chua.photo


THE average annual consumption of fruit juices in the United States is about 30.3 liters per person, which is equivalent to 1,004 ounces, or roughly 2.79 ounces a day.

This average is obviously for a person who consumes 6-8 oz every 3 days or so.

Anyway, we have to qualify what we mean by fruit juices.

The processed fruit juices have added sugars (many with high fructose corn syrup and preservatives) which are all unhealthy.

The so-called concentrated ones, the 100 percent juices (may or may not have sweetener, additives or preservatives), are likewise loaded with sugar, natural fructose, which is nonetheless carbohydrate that is absorbed fast (high glycemic index) by the body, causing blood sugar spikes, harmful for all of us, especially for those with diabetes.

It is true that the concentrate has higher levels of vitamins and minerals compared to processed fruit juices, but all these fruits juices, including the 100 percent juice concentrates are very low in fiber, unlike the actual fruits, but fruits themselves are packed with sugar, albeit it natural.

Fruit juices with added sugar is unhealthy because of the negative metabolic effects of fructose when consumed daily, leading to weight gain and elevation of our blood sugar and triglycerides, which increase the risk for cardiovascular and metabolic diseases.

Soft drinks are toxic

Allow me to digress a bit here to point out that the toxic beverage we call soft drinks (cola or uncola, regular or diet, with or without caffeine) are worst culprits in the causation of metabolic syndrome (clusters of conditions, high blood pressure, diabetes, heart disease and stroke, etc.), among the general population, especially among children.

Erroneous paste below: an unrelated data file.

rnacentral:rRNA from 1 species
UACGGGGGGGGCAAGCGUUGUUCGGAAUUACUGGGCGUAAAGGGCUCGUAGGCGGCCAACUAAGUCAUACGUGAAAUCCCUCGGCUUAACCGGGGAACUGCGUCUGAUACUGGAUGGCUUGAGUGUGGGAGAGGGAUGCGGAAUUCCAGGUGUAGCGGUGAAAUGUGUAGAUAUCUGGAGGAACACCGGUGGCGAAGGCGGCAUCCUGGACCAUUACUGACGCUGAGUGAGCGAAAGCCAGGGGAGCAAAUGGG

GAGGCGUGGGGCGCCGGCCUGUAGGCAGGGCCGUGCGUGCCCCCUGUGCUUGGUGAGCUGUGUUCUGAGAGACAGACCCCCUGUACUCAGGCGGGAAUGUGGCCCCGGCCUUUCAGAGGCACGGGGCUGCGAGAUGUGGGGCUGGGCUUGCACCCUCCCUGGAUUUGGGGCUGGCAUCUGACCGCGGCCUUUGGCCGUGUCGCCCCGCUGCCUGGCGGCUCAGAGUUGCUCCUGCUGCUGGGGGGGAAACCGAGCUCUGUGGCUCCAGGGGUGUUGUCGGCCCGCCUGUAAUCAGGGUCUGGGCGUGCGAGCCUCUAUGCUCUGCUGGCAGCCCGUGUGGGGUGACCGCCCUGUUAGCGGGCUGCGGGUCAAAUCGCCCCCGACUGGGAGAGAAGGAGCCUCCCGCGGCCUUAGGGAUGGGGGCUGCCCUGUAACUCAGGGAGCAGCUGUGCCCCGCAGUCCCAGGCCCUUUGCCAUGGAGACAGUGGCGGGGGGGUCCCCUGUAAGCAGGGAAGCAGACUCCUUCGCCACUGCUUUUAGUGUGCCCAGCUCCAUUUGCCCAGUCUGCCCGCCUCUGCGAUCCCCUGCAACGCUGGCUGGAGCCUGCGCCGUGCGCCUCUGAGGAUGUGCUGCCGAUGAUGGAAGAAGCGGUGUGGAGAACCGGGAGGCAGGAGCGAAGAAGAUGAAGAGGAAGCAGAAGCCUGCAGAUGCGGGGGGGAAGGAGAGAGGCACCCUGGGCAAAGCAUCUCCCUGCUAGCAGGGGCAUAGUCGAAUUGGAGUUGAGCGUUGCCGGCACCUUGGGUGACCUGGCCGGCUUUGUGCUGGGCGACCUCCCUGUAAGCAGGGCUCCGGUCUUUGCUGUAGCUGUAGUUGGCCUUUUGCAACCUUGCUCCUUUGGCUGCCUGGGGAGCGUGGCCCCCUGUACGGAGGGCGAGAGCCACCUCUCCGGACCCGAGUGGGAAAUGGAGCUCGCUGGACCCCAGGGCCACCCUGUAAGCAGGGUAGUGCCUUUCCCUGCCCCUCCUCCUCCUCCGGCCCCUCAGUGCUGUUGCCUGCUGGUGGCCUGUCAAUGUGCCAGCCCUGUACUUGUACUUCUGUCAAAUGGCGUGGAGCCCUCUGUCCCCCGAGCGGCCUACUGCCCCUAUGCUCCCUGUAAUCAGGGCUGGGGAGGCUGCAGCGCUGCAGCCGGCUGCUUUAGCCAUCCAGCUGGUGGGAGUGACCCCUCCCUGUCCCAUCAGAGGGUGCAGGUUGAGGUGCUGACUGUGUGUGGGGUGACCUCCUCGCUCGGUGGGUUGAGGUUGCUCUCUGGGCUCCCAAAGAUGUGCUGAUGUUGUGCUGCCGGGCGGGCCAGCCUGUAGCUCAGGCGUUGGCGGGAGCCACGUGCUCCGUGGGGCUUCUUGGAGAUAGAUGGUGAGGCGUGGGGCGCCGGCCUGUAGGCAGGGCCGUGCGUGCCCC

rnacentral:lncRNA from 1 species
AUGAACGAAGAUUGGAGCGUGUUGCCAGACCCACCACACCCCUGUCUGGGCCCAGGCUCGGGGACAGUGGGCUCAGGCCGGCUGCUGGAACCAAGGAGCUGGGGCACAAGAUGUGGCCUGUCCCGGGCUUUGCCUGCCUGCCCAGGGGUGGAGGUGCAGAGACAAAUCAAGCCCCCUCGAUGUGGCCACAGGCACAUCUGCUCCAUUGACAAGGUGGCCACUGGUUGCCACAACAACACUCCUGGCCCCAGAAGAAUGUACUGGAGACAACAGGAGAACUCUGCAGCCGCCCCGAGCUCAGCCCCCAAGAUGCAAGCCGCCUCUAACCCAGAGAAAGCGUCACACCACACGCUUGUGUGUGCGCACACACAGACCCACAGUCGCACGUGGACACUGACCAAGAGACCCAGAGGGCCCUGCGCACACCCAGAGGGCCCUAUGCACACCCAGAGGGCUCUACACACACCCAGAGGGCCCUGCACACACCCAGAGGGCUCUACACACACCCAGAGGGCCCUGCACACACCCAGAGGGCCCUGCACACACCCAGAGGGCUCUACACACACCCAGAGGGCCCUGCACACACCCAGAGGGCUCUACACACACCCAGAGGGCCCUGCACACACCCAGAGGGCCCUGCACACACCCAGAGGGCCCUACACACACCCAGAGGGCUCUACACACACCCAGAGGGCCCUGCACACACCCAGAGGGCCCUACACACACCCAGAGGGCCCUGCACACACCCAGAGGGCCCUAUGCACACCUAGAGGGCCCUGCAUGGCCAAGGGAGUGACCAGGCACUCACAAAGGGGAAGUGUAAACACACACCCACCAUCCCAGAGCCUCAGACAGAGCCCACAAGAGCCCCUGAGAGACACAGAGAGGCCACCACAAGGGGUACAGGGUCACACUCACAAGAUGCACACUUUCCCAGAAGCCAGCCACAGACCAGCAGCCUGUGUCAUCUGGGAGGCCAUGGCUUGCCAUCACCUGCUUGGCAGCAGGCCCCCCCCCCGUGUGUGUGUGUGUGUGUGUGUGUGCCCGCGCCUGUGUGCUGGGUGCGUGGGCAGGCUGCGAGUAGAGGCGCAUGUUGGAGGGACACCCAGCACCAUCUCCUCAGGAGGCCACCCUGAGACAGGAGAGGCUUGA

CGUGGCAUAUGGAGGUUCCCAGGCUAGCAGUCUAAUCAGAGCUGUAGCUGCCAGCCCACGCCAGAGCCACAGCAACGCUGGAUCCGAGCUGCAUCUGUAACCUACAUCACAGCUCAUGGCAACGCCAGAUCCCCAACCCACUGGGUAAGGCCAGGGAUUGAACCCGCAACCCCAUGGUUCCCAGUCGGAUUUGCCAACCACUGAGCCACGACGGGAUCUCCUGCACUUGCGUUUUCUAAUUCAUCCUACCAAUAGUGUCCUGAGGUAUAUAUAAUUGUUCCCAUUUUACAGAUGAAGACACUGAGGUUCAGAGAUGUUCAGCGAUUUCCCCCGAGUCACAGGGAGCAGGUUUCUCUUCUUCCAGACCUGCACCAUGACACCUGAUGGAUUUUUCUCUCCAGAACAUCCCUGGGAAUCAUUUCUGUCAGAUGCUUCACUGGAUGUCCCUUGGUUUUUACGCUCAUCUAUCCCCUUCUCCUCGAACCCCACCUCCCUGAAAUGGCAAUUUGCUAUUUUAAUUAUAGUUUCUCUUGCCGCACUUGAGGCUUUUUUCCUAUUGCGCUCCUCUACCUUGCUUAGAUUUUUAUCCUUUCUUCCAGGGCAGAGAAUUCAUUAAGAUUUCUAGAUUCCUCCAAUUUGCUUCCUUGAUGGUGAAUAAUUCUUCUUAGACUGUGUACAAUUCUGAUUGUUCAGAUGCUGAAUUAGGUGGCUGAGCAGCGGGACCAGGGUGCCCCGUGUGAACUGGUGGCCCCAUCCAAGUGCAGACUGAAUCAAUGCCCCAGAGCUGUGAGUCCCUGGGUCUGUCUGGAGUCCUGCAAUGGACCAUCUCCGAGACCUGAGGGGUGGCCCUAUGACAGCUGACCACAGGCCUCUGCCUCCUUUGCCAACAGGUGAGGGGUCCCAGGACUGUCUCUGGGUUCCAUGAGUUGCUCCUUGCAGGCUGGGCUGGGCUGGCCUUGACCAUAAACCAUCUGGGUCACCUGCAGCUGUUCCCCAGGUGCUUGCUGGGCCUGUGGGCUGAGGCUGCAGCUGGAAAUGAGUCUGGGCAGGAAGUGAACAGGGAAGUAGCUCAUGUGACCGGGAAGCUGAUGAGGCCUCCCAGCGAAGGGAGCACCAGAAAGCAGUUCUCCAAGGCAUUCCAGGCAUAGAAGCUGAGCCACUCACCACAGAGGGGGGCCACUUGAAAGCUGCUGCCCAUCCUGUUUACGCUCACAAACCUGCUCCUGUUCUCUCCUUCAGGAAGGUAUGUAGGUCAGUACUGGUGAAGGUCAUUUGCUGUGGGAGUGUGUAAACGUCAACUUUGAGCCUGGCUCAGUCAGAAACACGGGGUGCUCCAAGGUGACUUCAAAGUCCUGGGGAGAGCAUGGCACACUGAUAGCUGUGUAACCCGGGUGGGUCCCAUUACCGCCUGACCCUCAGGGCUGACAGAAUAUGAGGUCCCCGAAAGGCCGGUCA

As far as sugars are concerned, an average 12-ounce can of soda contains 40 grams of sugar (50 percent fructose), which exceeds the daily recommended  allowance for fructose, which is 15 grams a day, for most of the 80 percent Americans (and Filipinos) who are insulin-resistant.

Indeed, soft drinks are “poison” to our body in the long run, more so to children, whose brain and other vital organs are still in their developmental stage.

I have stressed this scary fact in my preventive health book, Let’s Stop “Killing” Our Children (www.philipSchua.com).

Although recently, both Coca-Cola and PepsiCo have agreed to remove from all their beverages brominated vegetable oil (BVO), a known flame retardant chemical, which are already banned in Europe and Japan, because it builds up in the body and in breast milk to cause health problems, soft drinks in general are “poisonous” in the long run.

There is no healthier beverage than filtered clean water, taken even a glass 8 times a day.

Sugar versus fiber

The U.S. Department of Agriculture recommends at least 1.5 to 2 cups of fresh fruits (preferably not juices) per day for women and 2 cups for men, and about 2-3 cups of vegetables daily for optimal health.

While 100 percent fruit concentrate may be more convenient, it is nevertheless loaded with sugar, practically with no fiber.

Example: A cup of apple juice has 0.2 gram of fiber versus an apple which has 3.3 grams; a cup of orange juice has 0.5 gram of fiber, while a cup of fresh orange has 4.3 grams.